The row space and null space are two of the four fundamental subspaces associated with a matrix A (the other two being the column space and left null space).

Relation to coimage[edit]

If V and W are vector spaces, then the kernel of a linear transformation TV → W is the set of vectors v ∈ V for which T(v) = 0. The kernel of a linear transformation is analogous to the null space of a matrix.

If V is an inner product space, then the orthogonal complement to the kernel can be thought of as a generalization of the row space. This is sometimes called the coimage of T. The transformation T is one-to-one on its coimage, and the coimage maps isomorphically onto the image of T.

When V is not an inner product space, the coimage of T can be defined as the quotient space V / ker(T).

See also[edit]

Notes[edit]

  1. ^ Linear algebra, as discussed in this article, is a very well established mathematical discipline for which there are many sources. Almost all of the material in this article can be found in Lay 2005, Meyer 2001, and Strang 2005.
  2. ^ A definition and certain properties for rings are the same with replacement of the "vector n-space" Kn with "left free module" and "linear subspace" with "submodule". For non-commutative rings this row space is sometimes disambiguated as left row space.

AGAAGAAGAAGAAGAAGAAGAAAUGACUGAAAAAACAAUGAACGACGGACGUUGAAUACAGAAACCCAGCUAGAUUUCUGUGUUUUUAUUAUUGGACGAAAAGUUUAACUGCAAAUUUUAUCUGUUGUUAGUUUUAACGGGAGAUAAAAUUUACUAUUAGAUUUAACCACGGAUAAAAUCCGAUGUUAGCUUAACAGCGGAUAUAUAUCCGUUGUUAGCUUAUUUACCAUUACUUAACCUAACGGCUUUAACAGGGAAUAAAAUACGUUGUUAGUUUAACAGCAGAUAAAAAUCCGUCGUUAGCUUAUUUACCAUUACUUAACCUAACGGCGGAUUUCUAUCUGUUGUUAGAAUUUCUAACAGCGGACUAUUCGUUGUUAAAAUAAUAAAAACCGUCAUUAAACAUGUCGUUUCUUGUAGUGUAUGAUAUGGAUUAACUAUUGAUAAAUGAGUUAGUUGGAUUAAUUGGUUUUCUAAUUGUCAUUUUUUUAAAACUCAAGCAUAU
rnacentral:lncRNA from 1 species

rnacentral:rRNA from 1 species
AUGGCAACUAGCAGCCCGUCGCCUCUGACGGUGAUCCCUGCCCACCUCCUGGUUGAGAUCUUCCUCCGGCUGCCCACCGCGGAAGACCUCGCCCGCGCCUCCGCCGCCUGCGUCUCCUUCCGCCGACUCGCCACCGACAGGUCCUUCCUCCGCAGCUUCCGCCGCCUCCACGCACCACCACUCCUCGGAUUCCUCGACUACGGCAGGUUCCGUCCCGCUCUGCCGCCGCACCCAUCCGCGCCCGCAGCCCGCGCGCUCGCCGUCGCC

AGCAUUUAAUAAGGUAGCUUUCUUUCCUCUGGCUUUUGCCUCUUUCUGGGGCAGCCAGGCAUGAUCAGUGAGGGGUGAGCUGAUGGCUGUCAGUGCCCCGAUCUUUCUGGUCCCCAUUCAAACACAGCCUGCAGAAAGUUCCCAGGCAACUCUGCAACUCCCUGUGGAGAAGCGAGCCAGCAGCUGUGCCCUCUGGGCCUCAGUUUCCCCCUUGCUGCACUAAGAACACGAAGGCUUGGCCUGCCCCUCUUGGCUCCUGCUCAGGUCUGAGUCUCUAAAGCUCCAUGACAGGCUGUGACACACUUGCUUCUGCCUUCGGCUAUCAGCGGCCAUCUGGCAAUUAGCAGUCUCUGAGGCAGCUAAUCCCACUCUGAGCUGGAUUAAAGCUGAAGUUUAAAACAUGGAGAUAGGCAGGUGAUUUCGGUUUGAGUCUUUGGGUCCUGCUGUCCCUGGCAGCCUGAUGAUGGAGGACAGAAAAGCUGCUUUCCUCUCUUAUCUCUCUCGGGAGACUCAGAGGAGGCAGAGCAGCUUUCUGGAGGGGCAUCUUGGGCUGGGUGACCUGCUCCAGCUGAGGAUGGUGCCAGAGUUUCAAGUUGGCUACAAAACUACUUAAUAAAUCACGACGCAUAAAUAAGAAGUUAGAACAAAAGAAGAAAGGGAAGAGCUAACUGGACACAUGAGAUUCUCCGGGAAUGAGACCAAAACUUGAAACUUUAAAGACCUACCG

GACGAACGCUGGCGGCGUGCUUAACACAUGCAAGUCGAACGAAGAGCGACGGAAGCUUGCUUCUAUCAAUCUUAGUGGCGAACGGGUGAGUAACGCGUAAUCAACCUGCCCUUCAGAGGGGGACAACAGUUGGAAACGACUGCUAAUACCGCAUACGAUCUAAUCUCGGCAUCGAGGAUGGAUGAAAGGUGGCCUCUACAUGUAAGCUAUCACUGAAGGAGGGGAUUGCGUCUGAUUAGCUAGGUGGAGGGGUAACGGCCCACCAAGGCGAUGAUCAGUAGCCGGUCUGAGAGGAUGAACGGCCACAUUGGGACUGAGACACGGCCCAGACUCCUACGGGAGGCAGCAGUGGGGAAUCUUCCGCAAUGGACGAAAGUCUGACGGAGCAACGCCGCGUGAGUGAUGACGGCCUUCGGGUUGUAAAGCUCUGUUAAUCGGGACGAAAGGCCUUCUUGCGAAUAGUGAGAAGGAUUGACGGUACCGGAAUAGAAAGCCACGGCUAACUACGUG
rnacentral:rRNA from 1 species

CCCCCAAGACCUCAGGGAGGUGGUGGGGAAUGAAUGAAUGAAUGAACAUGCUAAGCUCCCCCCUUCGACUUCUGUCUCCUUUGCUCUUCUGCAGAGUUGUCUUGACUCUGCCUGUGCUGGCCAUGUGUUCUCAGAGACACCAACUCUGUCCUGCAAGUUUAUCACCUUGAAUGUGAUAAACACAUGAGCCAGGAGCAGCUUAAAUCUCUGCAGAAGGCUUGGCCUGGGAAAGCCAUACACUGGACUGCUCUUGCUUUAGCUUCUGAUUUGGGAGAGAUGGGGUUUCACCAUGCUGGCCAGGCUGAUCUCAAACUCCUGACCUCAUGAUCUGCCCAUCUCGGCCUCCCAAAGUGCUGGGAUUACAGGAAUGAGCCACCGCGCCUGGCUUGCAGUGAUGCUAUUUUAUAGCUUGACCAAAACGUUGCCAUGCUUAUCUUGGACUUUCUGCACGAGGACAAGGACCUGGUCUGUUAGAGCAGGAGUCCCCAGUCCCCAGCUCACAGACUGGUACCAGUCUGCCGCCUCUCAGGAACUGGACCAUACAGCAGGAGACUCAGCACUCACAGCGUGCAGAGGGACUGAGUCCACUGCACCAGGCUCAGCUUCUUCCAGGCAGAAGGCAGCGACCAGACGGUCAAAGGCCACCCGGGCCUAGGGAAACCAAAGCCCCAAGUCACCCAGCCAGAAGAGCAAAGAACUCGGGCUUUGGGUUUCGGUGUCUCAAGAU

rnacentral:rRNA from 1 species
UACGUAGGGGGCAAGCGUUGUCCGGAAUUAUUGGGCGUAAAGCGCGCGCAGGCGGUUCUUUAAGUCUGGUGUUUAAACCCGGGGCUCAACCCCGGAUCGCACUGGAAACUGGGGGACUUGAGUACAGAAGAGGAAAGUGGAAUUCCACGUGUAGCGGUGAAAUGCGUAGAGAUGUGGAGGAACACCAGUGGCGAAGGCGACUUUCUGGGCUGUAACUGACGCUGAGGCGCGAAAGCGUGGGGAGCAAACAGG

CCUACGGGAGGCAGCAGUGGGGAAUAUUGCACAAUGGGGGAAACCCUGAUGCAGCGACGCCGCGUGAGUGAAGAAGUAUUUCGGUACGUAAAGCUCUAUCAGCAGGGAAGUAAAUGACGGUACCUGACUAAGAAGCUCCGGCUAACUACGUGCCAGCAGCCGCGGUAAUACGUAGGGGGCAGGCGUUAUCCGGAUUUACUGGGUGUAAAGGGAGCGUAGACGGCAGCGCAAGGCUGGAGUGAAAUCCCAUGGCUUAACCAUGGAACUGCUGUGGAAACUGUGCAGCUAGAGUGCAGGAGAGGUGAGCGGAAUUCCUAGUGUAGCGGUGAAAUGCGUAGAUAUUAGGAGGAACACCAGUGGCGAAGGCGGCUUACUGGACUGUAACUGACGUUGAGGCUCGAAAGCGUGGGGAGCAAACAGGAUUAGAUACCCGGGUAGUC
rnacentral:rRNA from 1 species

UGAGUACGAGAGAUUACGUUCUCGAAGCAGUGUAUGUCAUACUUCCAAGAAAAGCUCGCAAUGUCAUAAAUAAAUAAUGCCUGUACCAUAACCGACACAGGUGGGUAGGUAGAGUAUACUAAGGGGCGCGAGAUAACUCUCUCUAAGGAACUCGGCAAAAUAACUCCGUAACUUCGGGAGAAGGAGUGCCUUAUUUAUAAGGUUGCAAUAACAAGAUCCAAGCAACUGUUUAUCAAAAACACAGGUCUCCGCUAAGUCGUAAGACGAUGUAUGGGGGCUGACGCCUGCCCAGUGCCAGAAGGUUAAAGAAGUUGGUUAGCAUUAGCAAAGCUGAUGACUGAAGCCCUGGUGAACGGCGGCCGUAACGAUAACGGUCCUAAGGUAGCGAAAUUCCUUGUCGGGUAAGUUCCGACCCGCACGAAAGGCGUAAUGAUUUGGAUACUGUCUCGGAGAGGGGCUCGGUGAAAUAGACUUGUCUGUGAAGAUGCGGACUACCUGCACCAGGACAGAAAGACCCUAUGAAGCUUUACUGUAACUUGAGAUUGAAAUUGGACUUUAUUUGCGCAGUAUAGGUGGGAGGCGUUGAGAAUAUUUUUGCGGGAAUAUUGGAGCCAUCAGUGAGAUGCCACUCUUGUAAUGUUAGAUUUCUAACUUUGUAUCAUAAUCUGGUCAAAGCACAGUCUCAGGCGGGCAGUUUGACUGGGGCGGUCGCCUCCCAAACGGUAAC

3. ^ Linear algebra, as discussed in this article, is a very well established mathematical discipline for which there are many sources. Almost all of the material in this article can be found in Lay 2005, Meyer 2001, and Strang 2005.
  4. ^ http://www.cliffsnotes.com/WileyCDA/CliffsReviewTopic/Row-Space-and-Column-Space-of-a-Matrix.topicArticleId-20807,articleId-20793.html
  5. ^ This computation uses the Gauss–Jordan row-reduction algorithm. Each of the shown steps involves multiple elementary row operations.
  6. ^ Columns without pivots represent free variables in the associated homogeneous system of linear equations.
  7. ^ Important only if K is not commutative. Actually, this form is merely a product Ac of the matrix A to the column vector c from Kn where the order of factors is preserved, unlike the formula above.
  8. ^ a b The example is valid over real, rational numbers, and other number fields. It is not necessarily correct over fields and rings with non-zero characteristic.

References[edit]

Textbooks[edit]

  • Strang, Gilbert (July 19, 2005), Linear Algebra and Its Applications (4th ed.), Brooks Cole, ISBN 978-0-03-010567-8 
  • Axler, Sheldon Jay (1997), Linear Algebra Done Right (2nd ed.), Springer-Verlag, ISBN 0-387-98259-0 
  • Lay, David C. (August 22, 2005), Linear Algebra and Its Applications (3rd ed.), Addison Wesley, ISBN 978-0-321-28713-7 
  • Meyer, Carl D. (February 15, 2001), Matrix Analysis and Applied Linear Algebra, Society for Industrial and Applied Mathematics (SIAM), ISBN 978-0-89871-454-8 
  • Poole, David (2006), Linear Algebra: A Modern Introduction (2nd ed.), Brooks/Cole, ISBN 0-534-99845-3 
  • Anton, Howard (2005), Elementary Linear Algebra (Applications Version) (9th ed.), Wiley International 
  • Leon, Steven J. (2006), Linear Algebra With Applications (7th ed.), Pearson Prentice Hall 

External links[edit]